TOKYO • The surprise takeover bid for Toshiba is a palpable demonstration of the growing influence in corporate Japan of activist investors, who have gone from being largely impotent onlookers to kingmakers in just a few years.
The offer from CVC Capital Partners, while still in the early stages, comes just weeks after Toshiba chief executive officer Nobuaki Kurumatani lost a landmark shareholder vote, forcing an independent investigation into alleged issues with voting at its annual general meeting last year.
That loss has piled pressure on Mr Kurumatani, who barely won re-election at last year's meeting and is seen as unlikely to survive another. The vote was triggered by Toshiba's largest shareholder, the secretive Singapore-based hedge fund Effissimo Capital Management.
Any deal for Toshiba faces legal hurdles, and analysts say that investors such as Effissimo would likely insist on a substantial premium from its closing price on Tuesday. But the episode shows that the influence of activism in Japan is becoming hard to deny.
"There have been false dawns before," said Mr Justin Tang, head of Asian research at United First Partners in Singapore. "But activism is taking hold now."
CVC offered about 5,000 yen per share in its buyout proposal, according to a Toshiba executive. A bid at that level would value Toshiba at about 2.28 trillion yen (S$28 billion) and represent a 31 per cent premium to its last close before news of the bid emerged, data compiled by Bloomberg shows.
That would make it the largest private equity-led buyout since 2013, and CVC's biggest acquisition on record. Toshiba's board plans to form a special committee to consider the proposal, said the executive, who asked not to be identified.
While there are many hurdles to a deal taking place, Toshiba shares rose by their daily limit of 18 per cent to 4,530 yen per share at the close on Wednesday in Tokyo. The stock gained as much as 5.7 per cent more yesterday.
"Considerable value would be created simply by simplifying ownership and clarifying governance by taking the company private," said Mr Nicholas Benes, an expert on Japanese corporate governance. "Precisely because of that, one would very much hope this is a case where Toshiba will be open to other bids, by both other PE (private equity) firms as well as strategic acquirers."
Activist investors have increasingly been flexing their muscles in Japan in recent years, as corporate governance reforms promoting shareholder value have meant management can no longer dismiss such pressure. Tokyo Dome will be delisted this month after its acquisition by a white knight last year to fend off pressure from activist investor Oasis Management.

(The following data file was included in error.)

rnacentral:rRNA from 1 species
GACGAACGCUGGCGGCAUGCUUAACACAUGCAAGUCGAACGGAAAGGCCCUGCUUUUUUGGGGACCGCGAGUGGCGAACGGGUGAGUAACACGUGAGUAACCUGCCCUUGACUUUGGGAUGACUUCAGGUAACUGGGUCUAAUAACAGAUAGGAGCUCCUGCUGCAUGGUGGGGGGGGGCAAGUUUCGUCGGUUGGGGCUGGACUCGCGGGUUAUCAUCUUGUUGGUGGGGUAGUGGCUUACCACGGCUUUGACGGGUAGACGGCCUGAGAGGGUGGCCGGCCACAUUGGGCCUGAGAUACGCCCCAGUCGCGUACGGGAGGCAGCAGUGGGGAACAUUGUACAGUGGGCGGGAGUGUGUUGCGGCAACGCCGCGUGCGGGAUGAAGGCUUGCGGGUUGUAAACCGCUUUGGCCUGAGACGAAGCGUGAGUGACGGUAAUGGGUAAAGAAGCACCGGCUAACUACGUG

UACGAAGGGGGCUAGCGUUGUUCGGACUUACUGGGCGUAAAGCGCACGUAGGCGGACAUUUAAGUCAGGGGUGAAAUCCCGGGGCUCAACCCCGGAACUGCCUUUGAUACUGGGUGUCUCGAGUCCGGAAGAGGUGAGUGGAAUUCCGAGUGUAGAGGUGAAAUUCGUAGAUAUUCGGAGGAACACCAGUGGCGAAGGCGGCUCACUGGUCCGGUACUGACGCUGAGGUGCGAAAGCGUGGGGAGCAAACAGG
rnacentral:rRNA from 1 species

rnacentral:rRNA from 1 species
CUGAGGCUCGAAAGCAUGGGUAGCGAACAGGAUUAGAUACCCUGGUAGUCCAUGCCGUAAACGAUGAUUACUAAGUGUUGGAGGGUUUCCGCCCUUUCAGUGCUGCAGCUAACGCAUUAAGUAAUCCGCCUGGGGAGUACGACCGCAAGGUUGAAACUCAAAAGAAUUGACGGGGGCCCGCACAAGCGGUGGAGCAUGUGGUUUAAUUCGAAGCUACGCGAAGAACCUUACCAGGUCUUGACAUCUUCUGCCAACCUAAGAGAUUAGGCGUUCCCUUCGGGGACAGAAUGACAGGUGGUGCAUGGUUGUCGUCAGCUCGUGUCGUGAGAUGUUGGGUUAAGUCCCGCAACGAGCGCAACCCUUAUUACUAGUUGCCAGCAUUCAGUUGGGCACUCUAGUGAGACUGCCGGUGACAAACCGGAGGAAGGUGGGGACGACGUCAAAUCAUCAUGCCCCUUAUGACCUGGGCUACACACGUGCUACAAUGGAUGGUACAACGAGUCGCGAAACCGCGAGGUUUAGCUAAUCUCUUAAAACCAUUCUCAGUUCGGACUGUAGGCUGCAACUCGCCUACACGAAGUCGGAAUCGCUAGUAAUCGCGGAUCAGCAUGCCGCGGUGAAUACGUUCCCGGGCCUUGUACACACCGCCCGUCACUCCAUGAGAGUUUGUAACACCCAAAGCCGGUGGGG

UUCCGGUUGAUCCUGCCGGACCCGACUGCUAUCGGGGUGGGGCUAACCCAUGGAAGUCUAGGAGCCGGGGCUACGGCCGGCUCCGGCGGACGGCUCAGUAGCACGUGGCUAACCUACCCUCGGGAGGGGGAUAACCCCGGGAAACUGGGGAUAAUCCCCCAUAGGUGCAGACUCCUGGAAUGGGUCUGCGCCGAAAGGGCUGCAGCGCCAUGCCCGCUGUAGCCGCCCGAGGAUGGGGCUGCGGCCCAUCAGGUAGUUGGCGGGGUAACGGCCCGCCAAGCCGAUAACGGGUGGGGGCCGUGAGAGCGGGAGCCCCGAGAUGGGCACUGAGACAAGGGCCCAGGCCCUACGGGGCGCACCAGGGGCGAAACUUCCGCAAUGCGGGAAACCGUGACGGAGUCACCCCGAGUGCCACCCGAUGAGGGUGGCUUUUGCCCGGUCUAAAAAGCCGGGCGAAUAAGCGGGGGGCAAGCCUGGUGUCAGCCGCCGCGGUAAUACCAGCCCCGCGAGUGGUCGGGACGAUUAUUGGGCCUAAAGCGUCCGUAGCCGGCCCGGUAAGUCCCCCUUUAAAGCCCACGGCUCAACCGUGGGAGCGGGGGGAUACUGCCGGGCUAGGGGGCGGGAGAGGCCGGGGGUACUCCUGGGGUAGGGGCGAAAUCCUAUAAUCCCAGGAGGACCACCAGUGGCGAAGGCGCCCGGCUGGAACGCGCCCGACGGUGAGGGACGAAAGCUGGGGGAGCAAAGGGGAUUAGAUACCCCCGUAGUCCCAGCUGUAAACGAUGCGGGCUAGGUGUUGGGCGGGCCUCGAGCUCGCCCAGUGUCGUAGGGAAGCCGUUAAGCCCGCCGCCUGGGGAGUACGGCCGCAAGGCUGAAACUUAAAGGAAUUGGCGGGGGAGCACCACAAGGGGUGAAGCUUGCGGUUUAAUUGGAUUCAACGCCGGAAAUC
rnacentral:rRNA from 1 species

Toshiba, once a storied name in Japan, has faded dramatically since its glory days after years of management missteps as well as fraud and accounting scandals.
The conglomerate invented flash memory three decades ago, but it was forced to sell most of its prized chip business in 2018 because of losses in its nuclear-power operation. That deal led to an infusion of cash - but also a large contingent of more vocal shareholders. Last week, Singapore fund 3D Investment Partners became the latest investor to say it may make proposals to management, boosting its stake to more than 7 per cent.
"Any successes of this nature will probably snowball and lead to more activity," said Macquarie Group analyst Damian Thong. "There is a sense that a large part of Japan's industrial base is being run inefficiently, resulting in apparent undervaluation of Japanese conglomerates."
One open question for Toshiba is the future of Kioxia Holdings, its former memory chip division in which it still holds the biggest stake. Kioxia is focused on going public as soon as this summer in an initial public offering that could value the business at more than US$36 billion (S$48.3 billion), Bloomberg News reported last week. Alternatively, Micron Technology and Western Digital are also said to be interested in acquiring the firm, The Wall Street Journal reported.
If Toshiba secures a reasonable market valuation for Kioxia, and its core businesses attract multiples similar to those of its Japan peers, Mr Thong said he sees scope for more than 1 trillion yen of shareholder value creation. That would imply a Toshiba share price of over 6,500 yen per share, against the CVC offer at 5,000 yen apiece.
Mr Mio Kato of LightStream Research sees a low possibility of the deal going through under current terms, and expects volatile trading for Toshiba's shares in the near term, depending on how things develop. Toshiba's shareholders, especially activists, will want a rather "steep price", he wrote in a note published on SmartKarma.
Given the sensitivity around several of Toshiba's businesses, including its deep involvement in decommissioning the wrecked Fukushima Daiichi nuclear power plant, government approval would be required for the deal, Chief Cabinet Secretary Katsunobu Kato said on Wednesday.
It is also unclear if a foreign firm such as CVC would be allowed to take control of Toshiba. The relationship between CVC and Toshiba executives - with Mr Kurumatani a former Japan president and external director Yoshiaki Fujimori still employed by the firm - has also raised eyebrows.
"This could simply be an attempt to buy time for Kurumatani," Mr Kato said.